Vector has been ordered to pay a $3.5 million fine, for breaches of network quality standards, reports the NZ Herald. The fine was handed down on account of too many power outages taking place, and was set at a high level in part to act as a deterrent to both Vector and other power distributors. Vector has accepted the judgement, saying it had worked constructively with the Commerce Commission, and acknowledged the inconveniences that outages can cause. In a statement, they also noted that the judge’s comments indicated that “these breaches were not cynical or designed to extract maximum profit.”  (Disclosure: The Bulletin is presented in partnership with Vector)


A significant world news story that has largely gone under the radar here is Cyclone Idai. It has devastated Mozambique and other parts of Southern Africa, and CNN reports the death toll has now topped 750 – an is expected to rise further. The port city of Beria was hit especially hard, and cholera cases have been reported amid the stagnant water.


A correction: Eric Watson is most definitely not NZ’s richest man, as I said in yesterday’s Bulletin. I appreciate the generosity of readers who assumed that it must have been a typo, but no, it was actually just an early morning brain-melt on my part. Clearly I need to read the NBR more to keep up with who’s where on the Rich List.


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Hōhepa Waenga, an educator at Auckland Zoo (photo: supplied).

Right now on The Spinoff: Fair warning, there’s a lot. 

Firstly, we’ve released a documentary about the wāhine of Hikurangi Cannabis, the cooperative looking to revitalise the town of Ruatōria. That video is produced for The Spinoff by Wrestler and funded by NZ on Air, with the feature article by Don Rowe. They’re both very good pieces.

Elle Hunt has put together an excellent piece of media commentary, focused on Islamophobia. She’s worked as a journalist in all of NZ, Australia and Britain, and says while it’s not non-existent here, the climate of Islamophobia in both of those other countries is far more alarming. The article strongly backs up the points with sources and citations, and some of the examples from those other countries are just sickening.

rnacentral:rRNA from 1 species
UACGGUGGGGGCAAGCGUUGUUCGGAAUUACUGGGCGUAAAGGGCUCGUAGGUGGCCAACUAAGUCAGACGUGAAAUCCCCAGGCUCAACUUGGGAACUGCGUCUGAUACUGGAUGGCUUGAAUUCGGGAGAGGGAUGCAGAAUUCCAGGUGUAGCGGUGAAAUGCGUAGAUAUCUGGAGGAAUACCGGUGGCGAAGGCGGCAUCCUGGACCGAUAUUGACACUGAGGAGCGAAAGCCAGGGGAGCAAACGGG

Sam Brooks has been going to Auckland Arts Festival events, and wrote about how they can keep the world out, or be a constant and vulgar reminder of that world all the way through. It’s a really good reflection piece about the place of art in the wake of a national tragedy.

Finally, we’re doing a article and podcast series in partnership with the Auckland Zoo which I’ve thoroughly enjoyed. This piece, by John Daniell and Noelle McCarthy, looks at how the zoo helps children come to understand climate change. This piece looks at the role of mātauranga Māori in conservation in New Zealand. And this piece, by me, is about Auckland Zoo’s contention that the animals in their care live better lives than they would in the wild – particularly in the context of extreme and widespread habitat destruction.


There has been a lot of debate about how much journalists should bother parsing the so-called manifesto of the accused Christchurch terrorist. I’m personally quite sympathetic towards the absolutist position – that there is absolutely nothing to be gained from reading it or looking further into his life – and that everything we need to know about his motivations can be found in who he chose to target. But I think this piece from the NZ Herald’s Kirsty Johnston is a really responsible and useful contribution to that debate, because there’s a lot of information in the story that could help with understanding how similar atrocities might be prevented in the future. Here’s an excerpt:

The accused gunman’s manifesto, and his Facebook feed, refer to previous mass killers, such as the Norwegian far-right terrorist Anders Breivik, and from historical fascists such as Oswald Mosley. Having barely finished school he shunned university to work as a personal trainer. He sourced material online. “You will not find the truth anywhere else,” he wrote.

Devon Polaschek, joint director of the NZ Institute of Security and Crime Science, told media after analysing the manifesto: “The problem is that he is self-educated, and he is self-selecting the information that he is consuming. Reinforcing what he already thinks in a circular process.”

The accused gunman appears to have held dear a kind of Nordic, Aryan ideal. His posts are full of blonde-haired women and children, and strong-looking men, often on horseback. At first – like much of the manifesto and the message boards it’s aimed it – the imagery seems a joke. But Ben Elley, who is completing a PhD on the alt-right and online radicalisation, says some people truly believe in it.

“They idolise that Nordic stuff, it’s a cult of history, like ancestor worship. In the same way some people treat 1950s America as an ideal, they like vikings, and Ancient Rome, societies that were powerful and imperialistic,” says Elley.

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This is one of the weirdest sports stories I’ve ever read. A man in Papatoetoe has been passing himself off as a champion pro boxer, but every single one of his fights appears to have either been fixed or faked. The investigation has been put together by Stuff, who loved the story so much they decided to turn it into a five part series. I’m sure I’ll be reading the next four parts today.


From our partners: Climate change has already affected how electricity gets delivered to customers, and it’s only going to get more challenging. Vector’s Chief Networks Officer Andre Botha outlines what the lines company is doing to respond.